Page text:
– Agree that the “+” has some drawbacks, but it looks terrific. I think making it more of a button could help distinguish it from being an element that opens a submenu. Also think it would be good to incorporate the existing post type labels as much as possible throughout the UI.

  2. Just shared this around with our editors and devs. Looking really good, the one comment that kept coming up from the prototype is it’d be better if it was click to activate not hover, I think that may more have to do with the length of the css animations than anything else, but take that as you will.

  3. Lukasz Teranet Avatar
    Lukasz Teranet

    Wow saw this from a twitter post, this is excellent, so clean, minimal, easy to use, please share this in the collaboration phase WP is currently working on!

  4. I think you know I’ve advocated for a UX redesign like this for a LONG time. I think this looks REALLY good. TY so much for the hard work on this.

    I especially like the idea of “workflow/context-specific” menus, including for plugins, like you show for WooCommerce. Anything to get rid of the 3-mile-long vertical kitchen sink!

    I had envisioned what you show in the “mega menu” all appearing vertically where the current vertical sidebar is, but I like the horizontal too. I especially like the “breadcrumbs”. Super obvious UX for anyone to follow.

    I agree that your demo looks very extensible [and in a usable way] which is the more important thing.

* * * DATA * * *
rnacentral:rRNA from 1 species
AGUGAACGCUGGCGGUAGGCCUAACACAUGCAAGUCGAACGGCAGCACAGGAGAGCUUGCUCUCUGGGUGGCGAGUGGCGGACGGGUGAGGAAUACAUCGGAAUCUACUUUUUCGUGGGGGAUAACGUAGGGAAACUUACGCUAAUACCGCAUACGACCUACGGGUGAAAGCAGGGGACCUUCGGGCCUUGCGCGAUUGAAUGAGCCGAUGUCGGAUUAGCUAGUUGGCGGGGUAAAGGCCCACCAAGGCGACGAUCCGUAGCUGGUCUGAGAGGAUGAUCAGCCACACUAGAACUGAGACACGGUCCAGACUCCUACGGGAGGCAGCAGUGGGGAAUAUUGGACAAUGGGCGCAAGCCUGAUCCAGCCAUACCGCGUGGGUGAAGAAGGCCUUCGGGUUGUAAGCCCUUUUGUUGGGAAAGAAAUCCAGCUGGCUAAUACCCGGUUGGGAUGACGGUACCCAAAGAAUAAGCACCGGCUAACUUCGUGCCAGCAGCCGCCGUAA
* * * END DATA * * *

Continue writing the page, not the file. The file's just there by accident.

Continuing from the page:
I do wonder about a couple things:
    1) In the WooC example does “Products” show up under both “Publish” and the Plugins/WooCommerce menus? (I think it should. All content/post types under Publish. The odd thing is I’d probably pull Media into it’s own top level menu, not under Publish. In my experience users don’t think as media as something they publish (even though it’s a post type). They think of it as something they manage like files on a disk.

    2) Let’s assume I have 100 plugins, what does the plugin menu look like at that point? Are folks going to be able to actually find anything or are plugin authors going to go back to saying “no one can find my settings so I’m adding a primary/top level menus that users can’t miss it”.

    It’s nearly impossible to enforce this sort of thing, but what I really want to prevent plugins from adding new sub-menu items under “Manage”. That sub-menu should remain ONLY for core sub-menu items. All plugins settings should be regulated to the plugins menu.

    If a plugin wanted to extend the individual settings page, like adding setting to disable comments to the “Discussion Settings” page they still could, or additional thumbnail sizes on the “Media Settings” page, but they shouldn’t and couldn’t add a menu item under manage for it the way most do.

    The main vertical sidebar today is a usability problem, but so is the “Settings” sub-menu. Both these things need guard rails so that the overall WP UX stays usable, Ex.

    PS. I miss JP Omnisearch… I know they broke it into it’s own plugin, but damn I found that useful. When JP pulled it you Sam Hotchkiss was in charge of JP and said I was literally the only person that complained about it’s removal… to me it was 90% of the reason to install JP, lol… I really like what a few folks have done (Beaver Builder folks, Elementor Folks, etc..) adding “quick search” that is kind of like Alfred/Spotlight search. Really needs to be a core feature.